There’s so much LIFE to be seen and heard during a Wisconsin spring! Lawns have transformed from tan to Irish green. Birds are busy building nests and are having feeding frenzies, storing up to nurture their hatchlings. Horses finally have pastures to run and fresh grasses to eat. And the flowers! Trees are budding, near ready to bloom. Yellows and oranges of daffodils, a rainbow of tulips, and sweet smelling purple, pink, and white hyacinths are in full display. Deer are delivering fawns. All this splendor comes after the darkest and coldest of days. Winters are long, snow gets deep, rains seem never-ending from March through April, and then, in May—the earth pops open and new life begins.
So it is with the whole circle of life. Seasons come and seasons go. Although I love living in Wisconsin most of the year, I get weary in March and April. The whole earth looks depressed, feels heavy laden, cries for warmth and sun. When will the rain stop? Will we ever see the sun again? Hope is hard.
And sometimes hope is hard for the soul to hold.
Right now, I’m in a season of spring on the inside. I feel pregnant with life growing and I actually feel a glow. But oh how I remember the long, cold winters—the days of dark, wondering if I would ever see the sun again and feel warm rays thawing a frozen soul.
I remember my years as a therapist. One thing—one word—I came to understand as essential in helping others cope and grow. Hope. We all need hope. We need something to look forward to, something to hold onto in the dark and dreary crying days of life when we can’t see beyond the heavy, looming clouds. When we’re raining on the inside and the days of wet seem like endless drowning, we need hope. We need to know there’s a spring on the way. We need to know there is life beyond death—right here, right now, in the land of the living where others walk with smiles and we walk downcast. When is OUR spring coming? We want to know.
Every end of March, I feel it strong. My insides start screaming and I feel full force need to migrate—to fly southwest and soak up some sun, to soak up some hope of a new season coming. And I do. I get on a plane and fly to Arizona each year, just as the daffodils send green shoots through soggy dark soil. They beckon me back with hope. In just a few short weeks, drab will bloom color-full. There’s always hope, the earth tells me.
But sometimes we can’t see beyond the moment, beyond our difficult and painful circumstances. And sometimes the endings aren’t happy here on earth. Sometimes it looks as though God has left us alone, not caring that we suffer and moan and plead to be done. Let’s face it. Life is difficult. And sometimes life is beyond comprehension painful. Where is love then? Where is hope then?
I suppose what matters most is keeping our hearts and minds and souls planted firmly in what matters most. If we want to have hope, we must have hope in something beyond this life because this life doesn’t promise eternal rose gardens in full bloom. This life has seasons. This life has sweet and sour, gorgeous and hideous, rapture and disgust. This life—if this is all there is—where is hope really?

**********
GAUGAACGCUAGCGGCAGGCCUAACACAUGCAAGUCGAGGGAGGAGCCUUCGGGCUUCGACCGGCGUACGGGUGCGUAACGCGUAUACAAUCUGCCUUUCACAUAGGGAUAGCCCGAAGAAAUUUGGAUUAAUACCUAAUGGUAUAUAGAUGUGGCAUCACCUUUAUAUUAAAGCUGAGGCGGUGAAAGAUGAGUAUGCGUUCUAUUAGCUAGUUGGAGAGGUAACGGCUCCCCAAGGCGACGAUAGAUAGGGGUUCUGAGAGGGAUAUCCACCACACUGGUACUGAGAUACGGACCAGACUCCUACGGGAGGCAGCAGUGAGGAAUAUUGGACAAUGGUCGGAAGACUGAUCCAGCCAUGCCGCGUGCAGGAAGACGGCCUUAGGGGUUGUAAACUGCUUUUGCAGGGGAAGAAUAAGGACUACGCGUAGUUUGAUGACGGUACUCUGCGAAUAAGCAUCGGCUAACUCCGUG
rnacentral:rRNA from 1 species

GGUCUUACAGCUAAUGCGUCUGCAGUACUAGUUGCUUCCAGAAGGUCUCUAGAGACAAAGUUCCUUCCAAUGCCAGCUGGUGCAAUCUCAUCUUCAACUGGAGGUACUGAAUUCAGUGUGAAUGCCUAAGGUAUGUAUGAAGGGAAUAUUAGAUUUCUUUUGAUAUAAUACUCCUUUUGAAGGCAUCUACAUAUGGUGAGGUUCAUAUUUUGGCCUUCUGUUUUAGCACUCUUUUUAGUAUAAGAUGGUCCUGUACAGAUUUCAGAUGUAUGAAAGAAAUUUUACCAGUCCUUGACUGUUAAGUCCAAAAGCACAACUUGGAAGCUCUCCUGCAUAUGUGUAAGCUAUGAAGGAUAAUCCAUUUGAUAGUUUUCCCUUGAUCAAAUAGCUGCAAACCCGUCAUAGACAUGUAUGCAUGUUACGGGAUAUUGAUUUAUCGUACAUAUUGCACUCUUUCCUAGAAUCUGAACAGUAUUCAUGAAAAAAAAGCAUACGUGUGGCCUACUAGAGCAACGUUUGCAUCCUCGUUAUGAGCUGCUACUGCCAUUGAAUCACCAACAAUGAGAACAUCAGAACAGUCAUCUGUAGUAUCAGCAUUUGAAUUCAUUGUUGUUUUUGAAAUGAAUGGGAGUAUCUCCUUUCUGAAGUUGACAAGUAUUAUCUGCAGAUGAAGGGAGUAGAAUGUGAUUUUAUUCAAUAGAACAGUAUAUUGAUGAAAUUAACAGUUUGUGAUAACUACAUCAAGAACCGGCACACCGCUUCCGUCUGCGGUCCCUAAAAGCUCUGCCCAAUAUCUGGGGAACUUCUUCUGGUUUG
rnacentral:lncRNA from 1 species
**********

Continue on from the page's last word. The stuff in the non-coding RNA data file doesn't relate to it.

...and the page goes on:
I find that when I anchor my hope where hope belongs—in the eternal God and His kingdom coming full—I find hope for the day and my days become beautiful—maybe only in part, but still beautiful. Because even in the darkest of days, even when I’m crying rain on the inside, there is still beauty around. There’s always a bit of heaven on earth to bring a glimpse of hope that such beauty WILL spread and that, one day, such incomprehensible beauty we only just taste in the present will consume all the dark, all the hideous, all the painful not-of-God present.
And our God? Our God is so good that even the cold and the dark and the rains of life come together for good. All that blooms here in Wisconsin needs cold and dark and wet seasons to store up and rest and send forth new life. Daffodil and tulip and hyacinth bulbs are plunged deep into dark and cold earth, waiting for spring waters to shoot up green and open vibrant color. Trees shed and become bare because cold winters would freeze them dead if they held onto their leaves. Trees must let go. Pastures need rest to rejuvenate. Future hooves are coming and pastures must be strong.
If God knows how to care for the land and the creatures through all the cycles of life, does God not know how to pull us through our soul seasons? Where ever we find ourselves this day, whether in deep, dark winters or full-sun springs, God is with us working, loving. God holds onto us even when we have a hard time holding onto hope. And God never wastes anything. Even frozen inner winters and rainy soul springs have value. They might not be our favorite seasons, but they have value for our spirit. Each season has its own beauty and purpose. And spring comes inevitably with new life—for those who wait in hope, even when we can’t yet see or feel.